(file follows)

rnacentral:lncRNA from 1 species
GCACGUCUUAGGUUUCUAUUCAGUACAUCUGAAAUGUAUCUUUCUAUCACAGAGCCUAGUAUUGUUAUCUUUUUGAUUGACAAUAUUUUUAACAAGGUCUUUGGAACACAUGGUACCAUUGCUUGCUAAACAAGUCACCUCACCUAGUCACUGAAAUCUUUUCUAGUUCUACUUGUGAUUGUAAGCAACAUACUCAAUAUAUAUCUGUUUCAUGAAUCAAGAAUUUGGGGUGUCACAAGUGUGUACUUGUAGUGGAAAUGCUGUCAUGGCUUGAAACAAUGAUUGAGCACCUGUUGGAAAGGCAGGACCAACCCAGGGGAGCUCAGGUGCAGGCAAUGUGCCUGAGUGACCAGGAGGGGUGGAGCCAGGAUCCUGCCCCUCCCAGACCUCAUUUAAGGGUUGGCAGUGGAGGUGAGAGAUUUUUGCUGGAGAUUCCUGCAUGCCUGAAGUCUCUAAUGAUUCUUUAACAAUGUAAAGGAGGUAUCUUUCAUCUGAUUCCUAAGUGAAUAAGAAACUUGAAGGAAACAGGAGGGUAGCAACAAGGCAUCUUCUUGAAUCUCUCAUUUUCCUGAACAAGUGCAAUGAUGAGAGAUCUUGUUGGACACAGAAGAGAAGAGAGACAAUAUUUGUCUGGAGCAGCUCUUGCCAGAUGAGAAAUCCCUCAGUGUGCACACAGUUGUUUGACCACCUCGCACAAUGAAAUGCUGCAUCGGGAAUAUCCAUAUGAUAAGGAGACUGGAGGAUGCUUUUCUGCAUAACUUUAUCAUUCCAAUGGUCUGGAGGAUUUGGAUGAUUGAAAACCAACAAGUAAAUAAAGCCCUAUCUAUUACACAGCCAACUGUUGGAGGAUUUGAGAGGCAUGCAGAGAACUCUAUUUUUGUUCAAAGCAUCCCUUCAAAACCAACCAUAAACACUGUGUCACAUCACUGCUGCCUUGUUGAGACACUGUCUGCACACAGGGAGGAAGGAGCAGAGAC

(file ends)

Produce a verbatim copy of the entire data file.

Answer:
rnacentral:lncRNA from 1 species
GCACGUCUUAGGUUUCUAUUCAGUACAUCUGAAAUGUAUCUUUCUAUCACAGAGCCUAGUAUUGUUAUCUUUUUGAUUGACAAUAUUUUUAACAAGGUCUUUGGAACACAUGGUACCAUUGCUUGCUAAACAAGUCACCUCACCUAGUCACUGAAAUCUUUUCUAGUUCUACUUGUGAUUGUAAGCAACAUACUCAAUAUAUAUCUGUUUCAUGAAUCAAGAAUUUGGGGUGUCACAAGUGUGUACUUGUAGUGGAAAUGCUGUCAUGGCUUGAAACAAUGAUUGAGCACCUGUUGGAAAGGCAGGACCAACCCAGGGGAGCUCAGGUGCAGGCAAUGUGCCUGAGUGACCAGGAGGGGUGGAGCCAGGAUCCUGCCCCUCCCAGACCUCAUUUAAGGGUUGGCAGUGGAGGUGAGAGAUUUUUGCUGGAGAUUCCUGCAUGCCUGAAGUCUCUAAUGAUUCUUUAACAAUGUAAAGGAGGUAUCUUUCAUCUGAUUCCUAAGUGAAUAAGAAACUUGAAGGAAACAGGAGGGUAGCAACAAGGCAUCUUCUUGAAUCUCUCAUUUUCCUGAACAAGUGCAAUGAUGAGAGAUCUUGUUGGACACAGAAGAGAAGAGAGACAAUAUUUGUCUGGAGCAGCUCUUGCCAGAUGAGAAAUCCCUCAGUGUGCACACAGUUGUUUGACCACCUCGCACAAUGAAAUGCUGCAUCGGGAAUAUCCAUAUGAUAAGGAGACUGGAGGAUGCUUUUCUGCAUAACUUUAUCAUUCCAAUGGUCUGGAGGAUUUGGAUGAUUGAAAACCAACAAGUAAAUAAAGCCCUAUCUAUUACACAGCCAACUGUUGGAGGAUUUGAGAGGCAUGCAGAGAACUCUAUUUUUGUUCAAAGCAUCCCUUCAAAACCAACCAUAAACACUGUGUCACAUCACUGCUGCCUUGUUGAGACACUGUCUGCACACAGGGAGGAAGGAGCAGAGAC